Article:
2003 Abstracts Stage 3

Redeeming Mozart: a philosophical exploration of “Amadeus”

Suzi Adams, 2003, Stage 3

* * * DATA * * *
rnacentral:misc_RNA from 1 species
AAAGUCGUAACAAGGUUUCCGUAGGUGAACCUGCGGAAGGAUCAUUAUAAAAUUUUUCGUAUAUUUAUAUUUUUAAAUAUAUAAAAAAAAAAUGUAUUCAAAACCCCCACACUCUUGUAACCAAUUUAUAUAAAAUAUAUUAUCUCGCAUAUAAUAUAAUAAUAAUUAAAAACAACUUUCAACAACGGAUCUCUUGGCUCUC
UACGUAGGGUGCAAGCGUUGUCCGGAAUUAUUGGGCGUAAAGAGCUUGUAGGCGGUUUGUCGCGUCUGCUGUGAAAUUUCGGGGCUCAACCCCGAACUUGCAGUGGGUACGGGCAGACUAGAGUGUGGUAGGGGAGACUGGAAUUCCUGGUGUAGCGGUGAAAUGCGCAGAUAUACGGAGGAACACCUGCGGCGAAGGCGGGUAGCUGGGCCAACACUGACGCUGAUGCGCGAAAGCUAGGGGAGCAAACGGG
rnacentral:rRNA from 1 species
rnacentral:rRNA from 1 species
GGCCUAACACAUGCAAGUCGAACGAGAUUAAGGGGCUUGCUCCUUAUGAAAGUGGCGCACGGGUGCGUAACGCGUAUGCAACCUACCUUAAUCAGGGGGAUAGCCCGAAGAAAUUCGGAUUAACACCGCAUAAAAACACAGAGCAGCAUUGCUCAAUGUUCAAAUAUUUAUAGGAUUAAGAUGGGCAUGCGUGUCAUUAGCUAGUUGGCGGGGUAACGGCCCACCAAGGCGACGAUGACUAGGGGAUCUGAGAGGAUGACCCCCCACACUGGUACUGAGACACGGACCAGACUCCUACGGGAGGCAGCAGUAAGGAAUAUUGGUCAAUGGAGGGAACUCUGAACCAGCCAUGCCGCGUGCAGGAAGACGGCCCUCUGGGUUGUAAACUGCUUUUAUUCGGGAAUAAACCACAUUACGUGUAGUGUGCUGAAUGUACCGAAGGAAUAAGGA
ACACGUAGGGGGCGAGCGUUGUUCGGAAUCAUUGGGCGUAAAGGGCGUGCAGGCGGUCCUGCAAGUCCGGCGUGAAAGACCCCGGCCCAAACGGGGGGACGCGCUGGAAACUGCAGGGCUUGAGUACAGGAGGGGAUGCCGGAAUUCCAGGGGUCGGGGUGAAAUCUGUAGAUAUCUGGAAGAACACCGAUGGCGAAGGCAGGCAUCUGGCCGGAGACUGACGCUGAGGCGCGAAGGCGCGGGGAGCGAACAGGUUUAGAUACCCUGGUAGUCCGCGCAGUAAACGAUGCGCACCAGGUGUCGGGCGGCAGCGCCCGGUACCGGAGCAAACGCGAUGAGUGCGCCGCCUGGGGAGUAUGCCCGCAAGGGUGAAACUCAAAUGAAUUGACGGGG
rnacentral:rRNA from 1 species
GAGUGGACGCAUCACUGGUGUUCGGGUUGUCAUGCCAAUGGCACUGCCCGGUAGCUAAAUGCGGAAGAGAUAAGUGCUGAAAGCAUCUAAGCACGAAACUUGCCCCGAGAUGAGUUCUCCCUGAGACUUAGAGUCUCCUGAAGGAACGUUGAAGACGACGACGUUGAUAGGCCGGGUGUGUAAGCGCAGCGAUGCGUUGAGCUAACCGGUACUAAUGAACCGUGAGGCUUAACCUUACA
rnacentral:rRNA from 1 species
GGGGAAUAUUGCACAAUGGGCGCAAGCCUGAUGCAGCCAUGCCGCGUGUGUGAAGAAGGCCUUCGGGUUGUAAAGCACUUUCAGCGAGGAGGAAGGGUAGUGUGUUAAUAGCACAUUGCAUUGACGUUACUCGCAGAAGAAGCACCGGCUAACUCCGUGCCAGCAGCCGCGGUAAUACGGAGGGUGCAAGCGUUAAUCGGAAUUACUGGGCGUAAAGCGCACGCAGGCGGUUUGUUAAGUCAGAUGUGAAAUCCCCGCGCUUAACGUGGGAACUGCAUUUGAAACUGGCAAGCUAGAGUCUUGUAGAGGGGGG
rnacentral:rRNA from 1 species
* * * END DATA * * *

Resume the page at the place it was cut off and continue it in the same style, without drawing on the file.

The investigation is based on Peter Shaffer’s screenplay Amadeus, an elaborate story of the relationship between the legendary musician Wolfgang Mozart and his contemporary counterpart Antonio Salieri. Critics have interpreted the film in various ways, however its philosophical content had been left untouched. The project’s first concern is the identification of two philosophical trends within the characters of the play – Mozart being aligned to the baroque and Salieri portraying notions of traditional philosophy. The interaction of the characters in the plot in this context raises new philosophical issues such as creativity, genius, autonomy and the concept of God and also displays the philosophical influence over mans interaction with his surroundings. This discussion takes place alongside Walter Benjamin’s similar interpretation of Trauerspiel, The Origin of German Tragic Drama. The project’s second concern lies not in the content of the film but in its creation and subsequent afterlife. Shaffer constructed the play on fragments of truth regarding the real Mozart, which he then exaggerated and developed into a fictional story. This process of destruction and reconstruction is investigated in relation to Walter Benjamin’s theory of the mortification of art in which art is constantly reinterpreted to produce new meaning. Benjamin argues that through the creation of new meaning the original object is redeemed. It is the final concern of the project to investigate this theory and explore to what extent Mozart has been redeemed by Amadeus. The result is a project that not only investigates the baroque concepts of afterlife, mortification and redemption but also illustrates these notions in its method of exploration.

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